So whilst the focus has shifted slightly, the spotlight is still on the customer. Marketing managers realise that it’s not enough to just integrate the technology, but in the ever growing channels available (e.g. YouTube, instagram, LinkedIn, Facebook, email, event, experiential, print and digital advertising, etc) an integrated marketing campaign means leveraging customer insights to understand which channels our market play in, and are also happy to interact with brands through.

Personalising the customer experience

Business intelligence products, alongside a well-functioning CMS with integrated CRM, email and content delivery, give the marketer not only the opportunity to understand the customer, but the tools to deliver what they want, when they want it.

Automating this process with email and social campaigns, which are based on the data that analytics provides, allows marketers to create personalised, targeted campaigns that prove more effective. Think Amazon recommendations. This process of getting to know the customer is of course based in everything we’re discussing here – and it works. To maximise the digital space, marketers have to find ways to ensure that customers believe that the company cares. This provokes feelings of loyalty and improves customer retention, as well as WOM (word of mouth) marketing.

Email is not dead

Email remains a very valid marketing technique that continues to evolve with more agile functionality such as dynamic content and personalisation tokens. Email is preferred by 74% of online adults for “commercial communication”, although as a means of personal communication it’s being eclipsed by social media and smartphones.

2 acquisition channel growth.png
image courtesy of: www.mainstreetroi.com/wp-content/uploads/2013/11/custora_1.png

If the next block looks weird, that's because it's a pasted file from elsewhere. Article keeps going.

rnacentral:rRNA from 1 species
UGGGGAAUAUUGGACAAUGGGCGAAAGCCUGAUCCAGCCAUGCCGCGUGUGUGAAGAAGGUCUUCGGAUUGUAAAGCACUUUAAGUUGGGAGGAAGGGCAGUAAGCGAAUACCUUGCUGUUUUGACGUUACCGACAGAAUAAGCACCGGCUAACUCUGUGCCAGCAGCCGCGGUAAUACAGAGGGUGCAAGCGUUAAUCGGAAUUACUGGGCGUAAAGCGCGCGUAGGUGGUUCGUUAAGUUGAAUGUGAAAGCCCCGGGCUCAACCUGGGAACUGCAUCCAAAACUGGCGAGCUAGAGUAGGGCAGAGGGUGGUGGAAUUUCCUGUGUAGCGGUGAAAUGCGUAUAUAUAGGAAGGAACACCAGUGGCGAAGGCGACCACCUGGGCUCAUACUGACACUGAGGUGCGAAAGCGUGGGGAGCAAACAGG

As you can see from the graph, email in 2013 was second only to CPC (click per cost) as the most successful means of acquisition growth, with email generated sales quadrupling since 2009.

This means that email has to make up a part of the overall marketing strategy and become integrated, and most importantly, personalised. Bearing this in mind, it’s no surprise that investment in email came out on top as an acquisition channel.

Bringing it all Together

An article by DeSantis Breindel puts forward the idea that it’s not integration that’s the point, as much as synchronisation. This, the post says, means that it allows “the voice of the brand to speak to every target, through every relevant discipline (advertising, public relations, promotion, marketing literature, sales force presentations, outdoor, event marketing, design, etc.) at every touch point.”

This somewhat relates back to what we discussed earlier, that technology and the marketer both should take an integrated approach and this should be based on a strong brand persona and message. This “allows the marketing plan to be continually fine-tuned based on real-time customer feedback and customer buzz from microsites, mobile technology and social networks”. It seems that however you want to label it, ‘synchronised’ or old school ‘integrated marketing campaigns’, it’s an approach that every marketing manager should be implementing.

3 brand voice circle.gif

image courtesy of: http://www.desantisbreindel.com/integrated-marketing-is-no-longer-enough/


The tools are already in the market

When it comes to integration, there are solutions already available that can ensure that CRM, CMS, email, social and analytics can come together seamlessly to allow for a powerful marketing strategy that works. It does so in such a way that a brand can really communicate with customers like never before and those that take advantage of this, will essentially be the winners. The beauty of this, is that it’s not just for the big brands anymore! Check out the Elcom Platform integration points...